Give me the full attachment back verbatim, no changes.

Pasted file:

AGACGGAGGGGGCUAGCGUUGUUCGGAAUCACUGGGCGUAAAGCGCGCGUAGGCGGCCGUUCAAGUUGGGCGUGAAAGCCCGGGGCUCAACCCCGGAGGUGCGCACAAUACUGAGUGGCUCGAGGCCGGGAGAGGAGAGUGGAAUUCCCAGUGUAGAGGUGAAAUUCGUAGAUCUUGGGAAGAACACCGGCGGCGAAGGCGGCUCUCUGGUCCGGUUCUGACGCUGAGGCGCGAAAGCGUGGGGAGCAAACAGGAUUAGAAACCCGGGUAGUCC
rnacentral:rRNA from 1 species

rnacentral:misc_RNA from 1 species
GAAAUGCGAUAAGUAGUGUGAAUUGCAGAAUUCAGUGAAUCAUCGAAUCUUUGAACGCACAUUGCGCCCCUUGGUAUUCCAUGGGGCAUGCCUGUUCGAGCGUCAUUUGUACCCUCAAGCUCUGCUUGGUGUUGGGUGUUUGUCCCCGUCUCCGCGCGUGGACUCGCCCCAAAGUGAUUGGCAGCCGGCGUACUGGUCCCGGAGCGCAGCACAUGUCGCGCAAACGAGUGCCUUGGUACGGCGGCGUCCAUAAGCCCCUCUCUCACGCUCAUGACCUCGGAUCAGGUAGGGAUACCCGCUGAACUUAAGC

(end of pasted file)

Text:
AGACGGAGGGGGCUAGCGUUGUUCGGAAUCACUGGGCGUAAAGCGCGCGUAGGCGGCCGUUCAAGUUGGGCGUGAAAGCCCGGGGCUCAACCCCGGAGGUGCGCACAAUACUGAGUGGCUCGAGGCCGGGAGAGGAGAGUGGAAUUCCCAGUGUAGAGGUGAAAUUCGUAGAUCUUGGGAAGAACACCGGCGGCGAAGGCGGCUCUCUGGUCCGGUUCUGACGCUGAGGCGCGAAAGCGUGGGGAGCAAACAGGAUUAGAAACCCGGGUAGUCC
rnacentral:rRNA from 1 species

rnacentral:misc_RNA from 1 species
GAAAUGCGAUAAGUAGUGUGAAUUGCAGAAUUCAGUGAAUCAUCGAAUCUUUGAACGCACAUUGCGCCCCUUGGUAUUCCAUGGGGCAUGCCUGUUCGAGCGUCAUUUGUACCCUCAAGCUCUGCUUGGUGUUGGGUGUUUGUCCCCGUCUCCGCGCGUGGACUCGCCCCAAAGUGAUUGGCAGCCGGCGUACUGGUCCCGGAGCGCAGCACAUGUCGCGCAAACGAGUGCCUUGGUACGGCGGCGUCCAUAAGCCCCUCUCUCACGCUCAUGACCUCGGAUCAGGUAGGGAUACCCGCUGAACUUAAGC